Ransomware Hackers Blackmail U.S. Police Departments

Cyber criminals who have forced U.S. hospitals, schools and cities to pay hundreds of millions in blackmail or see their computer files destroyed are now targeting the unlikeliest group of victims — local police departments.

Eastern European hackers are hitting law enforcement agencies nationwide with so-called “ransomware” viruses that seize control of a computer system’s files and encrypt them. The hackers then hold the files hostage if the victims don’t pay a ransom online with untraceable digital currency known as Bitcoins. They try to maximize panic with the elements of a real-life hostage crisis, including ransom notes and countdown clocks.

If a ransom is paid, the victim gets an emailed “decryption key” that unlocks the system. If the victim won’t pay, the hackers threaten to delete the files, which they did last year to departments in Alabama and New Hampshire. That means evidence from open cases could be lost or altered, and violent criminals could go free.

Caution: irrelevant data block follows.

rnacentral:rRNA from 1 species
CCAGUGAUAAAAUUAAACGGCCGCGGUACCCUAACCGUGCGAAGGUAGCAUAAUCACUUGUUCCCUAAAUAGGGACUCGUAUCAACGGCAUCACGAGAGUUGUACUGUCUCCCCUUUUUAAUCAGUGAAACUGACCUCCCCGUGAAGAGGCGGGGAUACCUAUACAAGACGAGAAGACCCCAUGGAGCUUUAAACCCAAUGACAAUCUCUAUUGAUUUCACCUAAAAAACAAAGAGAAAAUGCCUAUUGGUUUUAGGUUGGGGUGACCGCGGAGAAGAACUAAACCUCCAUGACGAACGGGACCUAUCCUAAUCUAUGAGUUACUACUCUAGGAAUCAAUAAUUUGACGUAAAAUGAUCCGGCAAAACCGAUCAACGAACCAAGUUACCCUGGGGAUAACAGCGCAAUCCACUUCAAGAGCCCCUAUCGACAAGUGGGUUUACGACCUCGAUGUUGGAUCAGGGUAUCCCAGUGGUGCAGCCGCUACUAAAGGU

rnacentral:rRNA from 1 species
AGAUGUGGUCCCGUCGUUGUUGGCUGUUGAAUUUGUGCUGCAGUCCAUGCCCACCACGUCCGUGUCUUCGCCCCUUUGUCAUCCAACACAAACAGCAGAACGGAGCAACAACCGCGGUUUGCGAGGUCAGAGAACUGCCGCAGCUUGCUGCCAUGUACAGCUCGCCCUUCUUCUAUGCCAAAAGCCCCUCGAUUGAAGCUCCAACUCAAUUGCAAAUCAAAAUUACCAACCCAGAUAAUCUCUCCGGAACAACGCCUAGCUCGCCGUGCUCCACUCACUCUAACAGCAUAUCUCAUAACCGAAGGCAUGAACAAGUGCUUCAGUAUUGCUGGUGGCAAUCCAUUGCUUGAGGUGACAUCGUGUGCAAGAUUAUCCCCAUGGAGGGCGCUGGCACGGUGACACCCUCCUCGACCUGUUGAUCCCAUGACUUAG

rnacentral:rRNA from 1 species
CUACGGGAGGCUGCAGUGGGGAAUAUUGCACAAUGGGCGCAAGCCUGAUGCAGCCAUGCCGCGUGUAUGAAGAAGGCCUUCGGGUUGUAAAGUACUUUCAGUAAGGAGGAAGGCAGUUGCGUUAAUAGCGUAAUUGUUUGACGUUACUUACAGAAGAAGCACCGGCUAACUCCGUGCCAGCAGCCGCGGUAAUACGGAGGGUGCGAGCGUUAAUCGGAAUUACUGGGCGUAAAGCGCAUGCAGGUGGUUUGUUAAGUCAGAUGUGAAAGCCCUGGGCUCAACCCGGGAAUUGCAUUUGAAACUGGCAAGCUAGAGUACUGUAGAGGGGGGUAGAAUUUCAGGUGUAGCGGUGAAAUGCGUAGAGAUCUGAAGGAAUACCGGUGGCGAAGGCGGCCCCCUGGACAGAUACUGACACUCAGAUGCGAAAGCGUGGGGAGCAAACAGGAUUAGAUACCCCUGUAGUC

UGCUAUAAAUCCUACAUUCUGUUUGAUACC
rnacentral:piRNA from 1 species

Since 2013, hackers have hit departments in at least seven states. Last year, five police and sheriff’s departments in Maine were locked out of their records management systems by hackers demanding ransoms.

Ransomware crimes on all U.S. targets are soaring. In just the first three months of 2016, attacks increased tenfold over the total entire previous year, costing victims more than $200 million. Authorities stress that this number only represents known attacks. One federal law enforcement official told NBC News that the “large majority” of attacks go unreported.

The viruses – most of which come from Russia and Eastern Europe — are typically so impenetrable that even FBI agents have at times advised victims to just pay up and get their data back.

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